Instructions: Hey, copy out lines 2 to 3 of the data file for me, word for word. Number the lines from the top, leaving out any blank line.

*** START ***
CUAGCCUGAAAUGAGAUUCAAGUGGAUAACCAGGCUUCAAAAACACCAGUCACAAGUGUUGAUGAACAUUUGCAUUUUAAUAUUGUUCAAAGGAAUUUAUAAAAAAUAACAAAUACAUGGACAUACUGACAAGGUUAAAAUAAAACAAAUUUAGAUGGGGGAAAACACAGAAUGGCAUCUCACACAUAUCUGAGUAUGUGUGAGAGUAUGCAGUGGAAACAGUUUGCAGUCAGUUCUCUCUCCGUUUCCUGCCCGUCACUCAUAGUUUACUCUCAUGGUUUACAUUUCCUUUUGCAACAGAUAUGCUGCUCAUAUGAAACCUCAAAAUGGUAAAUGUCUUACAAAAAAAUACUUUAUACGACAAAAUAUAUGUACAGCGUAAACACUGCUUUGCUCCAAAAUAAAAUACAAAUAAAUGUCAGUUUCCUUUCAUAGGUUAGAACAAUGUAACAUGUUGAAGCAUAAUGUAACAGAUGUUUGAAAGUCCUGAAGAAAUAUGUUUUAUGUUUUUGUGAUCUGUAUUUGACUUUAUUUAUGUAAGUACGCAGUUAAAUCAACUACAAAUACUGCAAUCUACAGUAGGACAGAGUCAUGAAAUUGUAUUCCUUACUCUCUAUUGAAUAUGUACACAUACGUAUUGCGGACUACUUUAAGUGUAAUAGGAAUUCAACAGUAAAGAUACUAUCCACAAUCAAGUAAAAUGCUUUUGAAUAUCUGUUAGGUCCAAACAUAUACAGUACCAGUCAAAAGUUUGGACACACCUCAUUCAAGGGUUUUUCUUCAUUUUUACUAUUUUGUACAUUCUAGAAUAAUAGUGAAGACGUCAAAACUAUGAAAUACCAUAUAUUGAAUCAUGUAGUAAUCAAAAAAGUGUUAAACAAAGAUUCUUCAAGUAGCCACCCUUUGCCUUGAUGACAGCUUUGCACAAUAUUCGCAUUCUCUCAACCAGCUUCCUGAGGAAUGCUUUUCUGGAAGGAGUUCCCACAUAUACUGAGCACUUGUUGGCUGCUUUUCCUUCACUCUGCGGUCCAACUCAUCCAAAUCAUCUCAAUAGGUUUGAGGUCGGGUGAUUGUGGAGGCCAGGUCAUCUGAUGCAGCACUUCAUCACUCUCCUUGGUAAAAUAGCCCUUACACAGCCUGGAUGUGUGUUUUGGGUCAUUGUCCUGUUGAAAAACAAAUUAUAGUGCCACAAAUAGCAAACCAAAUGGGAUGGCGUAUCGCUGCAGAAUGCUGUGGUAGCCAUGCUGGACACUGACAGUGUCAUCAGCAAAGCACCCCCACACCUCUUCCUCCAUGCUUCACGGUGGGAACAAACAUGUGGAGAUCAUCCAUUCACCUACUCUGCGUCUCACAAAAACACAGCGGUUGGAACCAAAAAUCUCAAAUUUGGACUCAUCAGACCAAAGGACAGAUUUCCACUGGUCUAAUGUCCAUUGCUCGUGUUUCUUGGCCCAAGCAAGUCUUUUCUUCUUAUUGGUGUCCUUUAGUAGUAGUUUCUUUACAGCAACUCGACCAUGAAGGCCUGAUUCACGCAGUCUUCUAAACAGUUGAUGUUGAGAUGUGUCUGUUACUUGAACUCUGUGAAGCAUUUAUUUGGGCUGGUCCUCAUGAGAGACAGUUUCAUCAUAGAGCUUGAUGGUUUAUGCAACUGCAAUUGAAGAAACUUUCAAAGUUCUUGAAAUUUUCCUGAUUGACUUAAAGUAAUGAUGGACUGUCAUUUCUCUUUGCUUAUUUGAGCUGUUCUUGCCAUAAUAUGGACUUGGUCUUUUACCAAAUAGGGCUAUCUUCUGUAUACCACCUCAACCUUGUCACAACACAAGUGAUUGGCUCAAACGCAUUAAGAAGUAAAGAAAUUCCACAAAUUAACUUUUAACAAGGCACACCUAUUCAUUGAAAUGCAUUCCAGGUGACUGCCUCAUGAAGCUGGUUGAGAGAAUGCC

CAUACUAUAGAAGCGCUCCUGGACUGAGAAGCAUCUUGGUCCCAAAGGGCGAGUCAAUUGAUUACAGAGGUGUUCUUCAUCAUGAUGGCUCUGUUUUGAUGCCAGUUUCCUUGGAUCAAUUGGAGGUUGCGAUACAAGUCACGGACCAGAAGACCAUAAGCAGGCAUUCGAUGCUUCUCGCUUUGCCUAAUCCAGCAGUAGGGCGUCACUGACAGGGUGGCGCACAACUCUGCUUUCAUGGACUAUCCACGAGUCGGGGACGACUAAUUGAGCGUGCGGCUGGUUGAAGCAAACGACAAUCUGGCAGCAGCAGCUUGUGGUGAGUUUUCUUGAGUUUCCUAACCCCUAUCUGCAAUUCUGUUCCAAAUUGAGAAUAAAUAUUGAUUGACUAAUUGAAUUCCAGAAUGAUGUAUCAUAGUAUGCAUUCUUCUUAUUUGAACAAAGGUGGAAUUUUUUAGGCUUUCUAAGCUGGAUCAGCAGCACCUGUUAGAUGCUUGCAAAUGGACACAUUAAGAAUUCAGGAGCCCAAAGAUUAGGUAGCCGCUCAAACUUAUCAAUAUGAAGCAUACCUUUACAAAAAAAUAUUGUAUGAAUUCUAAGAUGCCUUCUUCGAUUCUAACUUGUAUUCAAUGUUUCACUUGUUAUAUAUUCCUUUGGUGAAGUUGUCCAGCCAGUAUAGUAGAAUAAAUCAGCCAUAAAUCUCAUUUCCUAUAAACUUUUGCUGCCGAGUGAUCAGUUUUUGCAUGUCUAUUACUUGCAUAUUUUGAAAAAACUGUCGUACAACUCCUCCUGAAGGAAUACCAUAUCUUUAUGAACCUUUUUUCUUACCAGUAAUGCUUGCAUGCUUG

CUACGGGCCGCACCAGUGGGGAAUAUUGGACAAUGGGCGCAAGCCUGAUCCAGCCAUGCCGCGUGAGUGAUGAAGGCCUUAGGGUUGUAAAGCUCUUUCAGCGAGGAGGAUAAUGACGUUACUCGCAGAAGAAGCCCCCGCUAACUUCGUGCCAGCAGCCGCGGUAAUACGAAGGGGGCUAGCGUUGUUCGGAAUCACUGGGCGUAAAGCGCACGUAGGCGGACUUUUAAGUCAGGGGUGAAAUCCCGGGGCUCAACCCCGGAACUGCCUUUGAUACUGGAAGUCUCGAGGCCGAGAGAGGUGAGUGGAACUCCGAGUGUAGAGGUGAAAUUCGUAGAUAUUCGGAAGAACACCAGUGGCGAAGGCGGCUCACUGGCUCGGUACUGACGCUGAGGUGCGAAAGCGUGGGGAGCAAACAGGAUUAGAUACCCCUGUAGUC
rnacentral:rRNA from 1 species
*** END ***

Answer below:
CAUACUAUAGAAGCGCUCCUGGACUGAGAAGCAUCUUGGUCCCAAAGGGCGAGUCAAUUGAUUACAGAGGUGUUCUUCAUCAUGAUGGCUCUGUUUUGAUGCCAGUUUCCUUGGAUCAAUUGGAGGUUGCGAUACAAGUCACGGACCAGAAGACCAUAAGCAGGCAUUCGAUGCUUCUCGCUUUGCCUAAUCCAGCAGUAGGGCGUCACUGACAGGGUGGCGCACAACUCUGCUUUCAUGGACUAUCCACGAGUCGGGGACGACUAAUUGAGCGUGCGGCUGGUUGAAGCAAACGACAAUCUGGCAGCAGCAGCUUGUGGUGAGUUUUCUUGAGUUUCCUAACCCCUAUCUGCAAUUCUGUUCCAAAUUGAGAAUAAAUAUUGAUUGACUAAUUGAAUUCCAGAAUGAUGUAUCAUAGUAUGCAUUCUUCUUAUUUGAACAAAGGUGGAAUUUUUUAGGCUUUCUAAGCUGGAUCAGCAGCACCUGUUAGAUGCUUGCAAAUGGACACAUUAAGAAUUCAGGAGCCCAAAGAUUAGGUAGCCGCUCAAACUUAUCAAUAUGAAGCAUACCUUUACAAAAAAAUAUUGUAUGAAUUCUAAGAUGCCUUCUUCGAUUCUAACUUGUAUUCAAUGUUUCACUUGUUAUAUAUUCCUUUGGUGAAGUUGUCCAGCCAGUAUAGUAGAAUAAAUCAGCCAUAAAUCUCAUUUCCUAUAAACUUUUGCUGCCGAGUGAUCAGUUUUUGCAUGUCUAUUACUUGCAUAUUUUGAAAAAACUGUCGUACAACUCCUCCUGAAGGAAUACCAUAUCUUUAUGAACCUUUUUUCUUACCAGUAAUGCUUGCAUGCUUG

CUACGGGCCGCACCAGUGGGGAAUAUUGGACAAUGGGCGCAAGCCUGAUCCAGCCAUGCCGCGUGAGUGAUGAAGGCCUUAGGGUUGUAAAGCUCUUUCAGCGAGGAGGAUAAUGACGUUACUCGCAGAAGAAGCCCCCGCUAACUUCGUGCCAGCAGCCGCGGUAAUACGAAGGGGGCUAGCGUUGUUCGGAAUCACUGGGCGUAAAGCGCACGUAGGCGGACUUUUAAGUCAGGGGUGAAAUCCCGGGGCUCAACCCCGGAACUGCCUUUGAUACUGGAAGUCUCGAGGCCGAGAGAGGUGAGUGGAACUCCGAGUGUAGAGGUGAAAUUCGUAGAUAUUCGGAAGAACACCAGUGGCGAAGGCGGCUCACUGGCUCGGUACUGACGCUGAGGUGCGAAAGCGUGGGGAGCAAACAGGAUUAGAUACCCCUGUAGUC